Navigation Links
Intensive care diaries protect patients from PTSD
Date:9/16/2010

Some intensive care patients develop post-traumatic stress syndrome (PTSD) after the trauma of a difficult hospital stay, and this is thought to be exacerbated by delusional or fragmentary memories of their time in the intensive care unit. Now researchers writing in BioMed Central's open access journal Critical Care have found that if staff and close relatives make a diary for patients, featuring information about their stay and accompanied by photographs, PTSD rates can be significantly reduced.

Professor Richard Griffiths and Christina Jones from the University of Liverpool, UK, worked with an international team of researchers to conduct a randomized controlled trial into the effectiveness of the diaries in 352 patients from 12 hospitals in 6 different European countries. Griffiths said, "On average 1 in 10 patients who stay more than 48 hours in intensive care will develop PTSD. It is likely that the fragmentary nature of their memories and the high proportion of delusional memories, such as nightmares and hallucinations, make it difficult for patients to make sense of what has happened to them. These memories are frequently described as vivid, realistic and frightening and may even involve patients thinking that nurses or doctors tried to kill them. Hard evidence of what really happened, in the form of a diary filled out by the treatment staff, may help to allay these fears".

During the study, 162 patients were randomly assigned to receive diaries, and they were found to be less than half as likely to develop PTSD as the control group. The diaries were completed daily by nursing staff and relatives using everyday language and accompanying photographs were taken. After discharge from intensive care, a nurse talked the patient through the diary entries. According to Griffiths, "Diaries are not without cost; there has to be a commitment from the staff to write something in the diary every day and take photographs when important changes happen. In addition an experienced nurse is needed to go through the diary with the patient to ensure that they understand its contents, but this is not significantly more than might have been provided by an unstructured discussion in the past. Compared with providing formal therapy to all patients struggling to cope with their experiences, diaries are likely to be highly cost-effective".


'/>"/>

Contact: Graeme Baldwin
graeme.baldwin@biomedcentral.com
44-020-319-22165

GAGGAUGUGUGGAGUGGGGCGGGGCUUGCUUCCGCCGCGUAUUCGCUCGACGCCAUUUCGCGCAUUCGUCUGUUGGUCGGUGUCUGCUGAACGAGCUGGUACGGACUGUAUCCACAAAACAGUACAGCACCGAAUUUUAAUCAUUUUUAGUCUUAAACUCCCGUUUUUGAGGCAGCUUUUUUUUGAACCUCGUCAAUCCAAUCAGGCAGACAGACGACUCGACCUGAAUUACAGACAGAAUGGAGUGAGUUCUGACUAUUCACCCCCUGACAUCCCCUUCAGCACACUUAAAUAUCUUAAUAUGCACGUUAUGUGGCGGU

BioMed Central
Source:Eurekalert

Related medicine news :

1. Neonatal intensive care units critical to infant survival
2. Researchers uncover biological rationale for why intensive lupus treatment works
3. Intensively lowering glucose: Possible benefits must be weighed against risks
4. Children in Intensive Care Should Be Screened for MRSA
5. ACCORD: Intensive BP, combined lipid therapies do not help adults with diabetes
6. Risk for patients in the intensive care unit clearly reduced
7. Texas Girl Recovers From Rabies Without Intensive Care
8. Short on specialized intensive care physicians, team-based approach improves ICU outcomes
9. Overprotective parents may impact heart anxiety in adults with congenital heart conditions
10. Low-Dose Omega-3 Fatty Acids Dont Protect Heart Patients
11. Excess Weight May Protect Women From Type of Glaucoma
Post Your Comments:
*Name:
*Comment:
*Email:
(Date:12/9/2016)... PA (PRWEB) , ... December 09, 2016 , ... An ... permit amputees to safely ride all types of amusement park rides. , The patent-pending ... the unit is easy to use and could be set up in a matter ...
(Date:12/9/2016)... ... December 09, 2016 , ... ... Pennsylvania Cable Network (PCN) during the summer of 2016. The program was made ... by the United States Department of Health and Human Services Administration. The ...
(Date:12/8/2016)... , ... December 08, 2016 , ... ... to announce that “Natural Language Processing–Enabled and Conventional Data Capture Methods for Input ... JMIR Medical Informatics . , Results of the comparative usability study demonstrate that ...
(Date:12/8/2016)... ... ... David J. Dykeman , Ginger Pigott , and J. Rick ... West, Dec. 12, 2016, at the Fairmont Newport Beach in California. Greenberg Traurig is ... Sciences & Medical Technology Group have been featured speakers at every DeviceTalks conference since ...
(Date:12/8/2016)... ... 2016 , ... STATEN ISLAND, N.Y., Nov. 24, 2016 — ... highest standards of trauma, maternity, cancer and chronic obstructive pulmonary disease (COPD) services ... Daniel Messina. , Among the recognitions, the American College of Surgeons' (ACS) named ...
Breaking Medicine News(10 mins):
(Date:12/9/2016)... SAN DIEGO , Dec. 9, 2016 /PRNewswire/ ... with Evotec AG (Frankfurt Stock Exchange: EVT, TecDAX, ... program targeting ,LpxC, for the treatment of bacterial ... LpxC has been recognized as an attractive antibacterial ... however, a lack of suitable chemical starting points ...
(Date:12/8/2016)... , Dec. 8, 2016  The global biosurgery ... 8.8% during the forecast period of 2016 to 2021. ... by 2021 from USD 18.21 billion in 2016. The ... rising incidences of sports related injuries and spinal problems, ... rising need of effective blood loss management. ...
(Date:12/8/2016)... , Dec. 8, 2016 Allergy ... includes products and tests that are used to ... weed, peanuts, milk, or drugs etc. in the ... by the immune system. The report on global ... prospects of the market. The report consists of ...
Breaking Medicine Technology: